Robert Reich explains how Trump has become isolated politically.
Tracie Harris & Clare Wuellner
The blue states are subsidizing the red states and it’s not even close. Ana Kasparian, Maytha Alhassen, and Helen Hong hosts of The Young Turks, break it down.
from BBC Newsnight interview
Even Americans who identify with a specific religion aren’t necessarily choosing to join a church, synagogue or mosque.
Americans are increasingly unlikely to become formal members of churches and other religious congregations, a new Gallup report has found.
The number of U.S. adults who officially belong to a church or other religious institution has plummeted from 70% in 1999 to 50% in 2018, according to the study published on Thursday.
The decline in church membership dovetails with a concurrent decline in weekly church attendance. There has also been a well-documented rise in religious “nones” ― people who describe themselves as atheistic, agnostic or “nothing in particular.” The percentage of American adults who say they have no religious preference doubled from 8% in 2000 to about 19% in 2018, according to Gallup.
Even among Americans who say they are part of an organized faith tradition, however, Gallup found that church membership has declined. At the turn of the century, 90% of all U.S. adults were affiliated with a religious group and 73% of those religious people belonged to a church or other faith institution. Currently, about 77 percent of all American adults identify with a religion and only 64 percent of those adults are members of a church or other faith institution. That means roughly 1 out of 4 adults today call themselves religious without being members of a church, synagogue or mosque.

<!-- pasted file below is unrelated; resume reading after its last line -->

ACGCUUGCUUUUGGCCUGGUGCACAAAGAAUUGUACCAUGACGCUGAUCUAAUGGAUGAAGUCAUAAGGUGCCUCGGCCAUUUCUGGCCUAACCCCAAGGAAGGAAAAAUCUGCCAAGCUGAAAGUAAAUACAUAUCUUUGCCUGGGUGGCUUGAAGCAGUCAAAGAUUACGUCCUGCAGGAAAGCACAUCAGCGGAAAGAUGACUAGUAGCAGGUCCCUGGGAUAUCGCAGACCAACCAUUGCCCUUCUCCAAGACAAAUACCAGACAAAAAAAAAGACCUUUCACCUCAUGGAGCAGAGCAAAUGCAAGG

The data suggests to Gallup that Americans’ relationship with organized religion is changing.
What if we actually pulled off a Green New Deal? What would the future look like? The Intercept presents a film narrated by Alexandria Ocasio-Cortez and illustrated by Molly Crabapple. Set a couple of decades from now, the film is a flat-out rejection of the idea that a dystopian future is a forgone conclusion. Instead, it offers a thought experiment: What if we decided not to drive off the climate cliff? What if we chose to radically change course and save both our habitat and ourselves? We realized that the biggest obstacle to the kind of transformative change the Green New Deal envisions is overcoming the skepticism that humanity could ever pull off something at this scale and speed. That’s the message we’ve been hearing from the “serious” center for four months straight: that it’s too big, too ambitious, that our Twitter-addled brains are incapable of it, and that we are destined to just watch walruses fall to their deaths on Netflix until it’s too late. This film flips the script. It’s about how, in the nick of time, a critical mass of humanity in the largest economy on earth came to believe that we were actually worth saving. Because, as Ocasio-Cortez says in the film, our future has not been written yet and “we can be whatever we have the courage to see.”
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